meandubuntu... u inspired me, but after checking out your blog i see you are contributing to the community. i still have been wanting to write this for a while because there are a lot of people who treat it as a crusade. I'm happy to debate rationally, in fact i hope for rational debate above ardent head bashing.
    oh, and about Mono:
    "Important Rules
    If you have looked at Microsoft's implementation of .NET or their shared source code, you will not be able to contribute to Mono.
    In general, be careful when you are implementing free software and you have access to proprietary code. We need to make sure that we are not using someone else's copyrighted code accidentally.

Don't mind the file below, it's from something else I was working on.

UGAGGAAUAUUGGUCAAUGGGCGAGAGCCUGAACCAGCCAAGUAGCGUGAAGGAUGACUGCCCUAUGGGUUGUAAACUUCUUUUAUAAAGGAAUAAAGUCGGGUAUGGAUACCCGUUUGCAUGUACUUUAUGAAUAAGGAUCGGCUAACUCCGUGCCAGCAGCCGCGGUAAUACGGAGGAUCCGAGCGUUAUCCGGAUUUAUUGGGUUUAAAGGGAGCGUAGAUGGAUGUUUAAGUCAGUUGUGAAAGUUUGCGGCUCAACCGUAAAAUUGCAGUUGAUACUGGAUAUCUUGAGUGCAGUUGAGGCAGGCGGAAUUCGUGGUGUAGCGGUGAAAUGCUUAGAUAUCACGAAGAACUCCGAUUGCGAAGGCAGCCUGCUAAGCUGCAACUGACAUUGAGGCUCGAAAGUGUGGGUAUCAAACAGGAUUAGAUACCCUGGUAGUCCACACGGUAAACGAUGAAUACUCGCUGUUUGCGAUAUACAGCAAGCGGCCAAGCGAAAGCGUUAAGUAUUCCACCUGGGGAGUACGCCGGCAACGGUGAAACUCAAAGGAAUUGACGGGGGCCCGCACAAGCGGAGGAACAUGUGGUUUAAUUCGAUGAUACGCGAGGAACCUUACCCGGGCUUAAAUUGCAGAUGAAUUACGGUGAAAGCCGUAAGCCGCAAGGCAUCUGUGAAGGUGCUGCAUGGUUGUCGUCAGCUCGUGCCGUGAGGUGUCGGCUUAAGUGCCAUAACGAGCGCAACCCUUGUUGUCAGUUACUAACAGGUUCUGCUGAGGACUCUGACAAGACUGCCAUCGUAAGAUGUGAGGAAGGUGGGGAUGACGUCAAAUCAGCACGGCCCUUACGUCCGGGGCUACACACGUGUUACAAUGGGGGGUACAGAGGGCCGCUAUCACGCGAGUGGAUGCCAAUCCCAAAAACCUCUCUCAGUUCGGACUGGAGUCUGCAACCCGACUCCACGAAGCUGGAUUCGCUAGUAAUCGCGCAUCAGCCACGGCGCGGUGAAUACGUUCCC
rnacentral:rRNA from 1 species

Do not use the ildasm, reflector or other equivalent tools program to disassemble proprietary code when you are planning to reimplement a class for Mono. If you have done this, we will not be able to use your code.
    Please stick to published documentation for implementing any classes; when in doubt, post to the mailing list and discuss the possible approaches with others."

  4. You're right. Freedom is the crusade, Linux is just an instrument in its creation. But Americans are passionate about the Declaration of Independence and Brits are zealous over the Magna Carta, two other instruments of freedom. Should Linux be denied such ardor, just because it's written in C, rather than English?